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08 January 2011

Book Review: Words from the Myths

Words from the MythsWords from the Myths by Isaac Asimov
My rating: 5 of 5 stars

I loved this book.

It's mannered.  It's old-fashioned.   The back-flap "about the author" blurb is charmingly cheeky.

But it is chock full of interesting tidbits about the parts of our language that originate in myth.  Chock.  Full.

We all know why the Achilles tendon is called that but who knew that the word "stentorian" comes from a minor character in Homer, Stentor, who was a herald who was able to rally the army effectively because he had a voice as loud as fifty men?  And who knew that there is a one-celled creature called "stentor" because it is shaped like a megaphone?

Why do we sometimes swear "By Jiminy?"  Well, because of Castor and Pollux, of course, the twins of Gemini.  The Romans respected them and often swore by them.  Apparently we still do, too.

This book is 220 pages of "Oh!  Really?  Wow!"  And it only makes it more readable that the style is so proper and mannered yet intimate, like a face-to-face conversation.

This is a book I should read again.  And again.  And then again once more.

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Book Review: Death and the Dancing Footman

Death and the Dancing FootmanDeath and the Dancing Footman by Ngaio Marsh
My rating: 4 of 5 stars

Ah, Ngaio Marsh.  What is it about you that I don't really care about whodunit?

I figured this one out.  Easily.  The mystery was thin and rather transparent.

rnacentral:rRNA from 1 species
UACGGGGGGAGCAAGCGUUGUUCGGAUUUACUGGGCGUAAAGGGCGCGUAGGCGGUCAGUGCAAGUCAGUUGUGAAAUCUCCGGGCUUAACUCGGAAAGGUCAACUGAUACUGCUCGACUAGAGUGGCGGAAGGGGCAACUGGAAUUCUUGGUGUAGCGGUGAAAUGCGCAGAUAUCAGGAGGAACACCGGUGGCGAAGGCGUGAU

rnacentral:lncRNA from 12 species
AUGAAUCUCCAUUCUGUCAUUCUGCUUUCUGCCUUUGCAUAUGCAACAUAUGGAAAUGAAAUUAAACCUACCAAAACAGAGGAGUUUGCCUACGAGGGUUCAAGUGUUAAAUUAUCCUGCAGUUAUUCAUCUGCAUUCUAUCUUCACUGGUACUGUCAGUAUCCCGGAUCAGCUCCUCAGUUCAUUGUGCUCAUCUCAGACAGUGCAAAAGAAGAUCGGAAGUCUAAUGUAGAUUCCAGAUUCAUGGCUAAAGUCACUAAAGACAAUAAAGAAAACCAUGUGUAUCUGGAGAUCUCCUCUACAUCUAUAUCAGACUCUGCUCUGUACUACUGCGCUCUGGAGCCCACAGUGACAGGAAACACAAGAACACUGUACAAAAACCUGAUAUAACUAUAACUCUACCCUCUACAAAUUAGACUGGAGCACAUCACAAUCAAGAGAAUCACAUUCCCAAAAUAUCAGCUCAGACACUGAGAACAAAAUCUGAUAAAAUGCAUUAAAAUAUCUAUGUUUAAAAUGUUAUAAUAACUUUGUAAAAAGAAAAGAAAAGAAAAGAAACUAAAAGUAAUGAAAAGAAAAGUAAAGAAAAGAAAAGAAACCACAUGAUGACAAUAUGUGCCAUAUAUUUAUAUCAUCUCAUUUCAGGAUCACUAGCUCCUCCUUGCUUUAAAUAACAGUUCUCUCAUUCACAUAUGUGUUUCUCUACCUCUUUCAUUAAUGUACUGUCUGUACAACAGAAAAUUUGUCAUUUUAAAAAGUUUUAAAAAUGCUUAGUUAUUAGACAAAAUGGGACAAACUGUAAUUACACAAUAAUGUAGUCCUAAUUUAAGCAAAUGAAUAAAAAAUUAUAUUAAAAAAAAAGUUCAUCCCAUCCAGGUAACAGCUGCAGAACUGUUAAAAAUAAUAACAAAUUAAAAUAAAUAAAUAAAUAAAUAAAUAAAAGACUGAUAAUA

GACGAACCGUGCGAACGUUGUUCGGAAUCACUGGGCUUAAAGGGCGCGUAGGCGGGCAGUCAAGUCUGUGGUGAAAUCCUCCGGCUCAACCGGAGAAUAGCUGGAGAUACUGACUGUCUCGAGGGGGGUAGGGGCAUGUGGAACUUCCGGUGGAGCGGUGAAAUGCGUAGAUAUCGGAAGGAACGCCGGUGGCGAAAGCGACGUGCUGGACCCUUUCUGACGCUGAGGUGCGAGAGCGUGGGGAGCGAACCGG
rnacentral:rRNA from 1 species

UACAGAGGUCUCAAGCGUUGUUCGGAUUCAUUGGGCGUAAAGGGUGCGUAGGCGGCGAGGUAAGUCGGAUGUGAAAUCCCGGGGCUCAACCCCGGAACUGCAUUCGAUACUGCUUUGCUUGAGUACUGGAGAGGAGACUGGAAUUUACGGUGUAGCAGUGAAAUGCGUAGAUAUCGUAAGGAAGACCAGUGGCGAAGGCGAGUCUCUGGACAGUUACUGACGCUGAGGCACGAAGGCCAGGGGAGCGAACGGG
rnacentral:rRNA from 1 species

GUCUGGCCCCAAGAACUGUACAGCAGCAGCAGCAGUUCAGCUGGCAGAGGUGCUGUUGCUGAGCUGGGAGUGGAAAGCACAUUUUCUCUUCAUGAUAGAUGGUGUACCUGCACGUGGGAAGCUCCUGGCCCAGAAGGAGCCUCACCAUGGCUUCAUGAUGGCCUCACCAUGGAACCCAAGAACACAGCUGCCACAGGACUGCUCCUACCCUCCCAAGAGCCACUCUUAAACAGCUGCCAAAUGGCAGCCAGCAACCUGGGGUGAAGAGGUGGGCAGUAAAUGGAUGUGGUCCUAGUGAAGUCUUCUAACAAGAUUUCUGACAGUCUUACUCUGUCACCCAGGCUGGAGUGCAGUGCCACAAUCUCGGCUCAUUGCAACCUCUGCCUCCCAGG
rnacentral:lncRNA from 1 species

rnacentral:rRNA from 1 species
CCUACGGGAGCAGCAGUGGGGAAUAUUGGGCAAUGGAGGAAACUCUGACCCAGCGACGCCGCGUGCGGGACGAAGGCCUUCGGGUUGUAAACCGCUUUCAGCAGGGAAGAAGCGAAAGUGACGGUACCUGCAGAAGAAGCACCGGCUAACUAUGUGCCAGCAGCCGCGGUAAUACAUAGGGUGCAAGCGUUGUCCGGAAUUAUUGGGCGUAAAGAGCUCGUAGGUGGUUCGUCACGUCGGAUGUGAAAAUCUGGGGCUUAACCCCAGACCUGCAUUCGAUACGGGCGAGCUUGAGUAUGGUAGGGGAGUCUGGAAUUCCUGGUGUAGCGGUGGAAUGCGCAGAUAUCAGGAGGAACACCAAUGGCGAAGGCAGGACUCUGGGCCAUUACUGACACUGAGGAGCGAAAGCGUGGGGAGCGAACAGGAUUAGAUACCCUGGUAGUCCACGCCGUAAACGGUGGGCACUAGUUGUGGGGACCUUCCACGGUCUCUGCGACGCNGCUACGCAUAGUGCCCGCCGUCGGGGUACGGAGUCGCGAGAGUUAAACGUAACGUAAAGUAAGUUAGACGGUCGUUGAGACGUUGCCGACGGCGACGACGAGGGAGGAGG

But who cares?  Especially when one gets to relish in her characterizations and her way with words.  Descriptions like these make these cozies worth reading, even if you aren't a mystery buff;

"A popinjay," he muttered, "a stock figure of dubious gallantry."  And he pronounced the noise usually associated with the word "Pshaw."

"... [he's] bone from the eyes up if you try to talk about anything that's not quite his language."  

After a good deal of demurring, Jonathan finally rang the bell.  Caper answered it and accepted the news of sudden death and homicide with an aplomb which Mandrake had imagined to be at the command only of family servants in somewhat dated comedies."  

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Book Review: Peter and the Starcatchers

Peter and the Starcatchers (Peter and the Starcatchers, #1)Peter and the Starcatchers by Dave Barry
My rating: 3 of 5 stars

I spent many moments while reading this book wondering how two people, who live in different cities and possess remarkably different writing styles, could possibly write a book together.

By the time I was finished, I decided they did it kind of like that parlour game where one person in the room starts a potboiler, spins it to a cliffhanger and then hands it to another person, who then continues the potboiler and spins it to yet another cliffhanger.  And so on.  The parlour-game-potboiler becomes, by design, overly long with too many needless cliffhangers.

Which kind of describes this book.  Not that it wasn't a fun read.  But I could have done without about half of the obstacles and cliffhangers.

Clever by half in explaining the genesis of Peter Pan, the Lost Boys and Captain Hook.  Oh, and Tinkerbell in the last two pages.

A tad too violent for my now almost seven year old but a good book for the "read-when-older" shelf.  An adventure he'll most likely enjoy.

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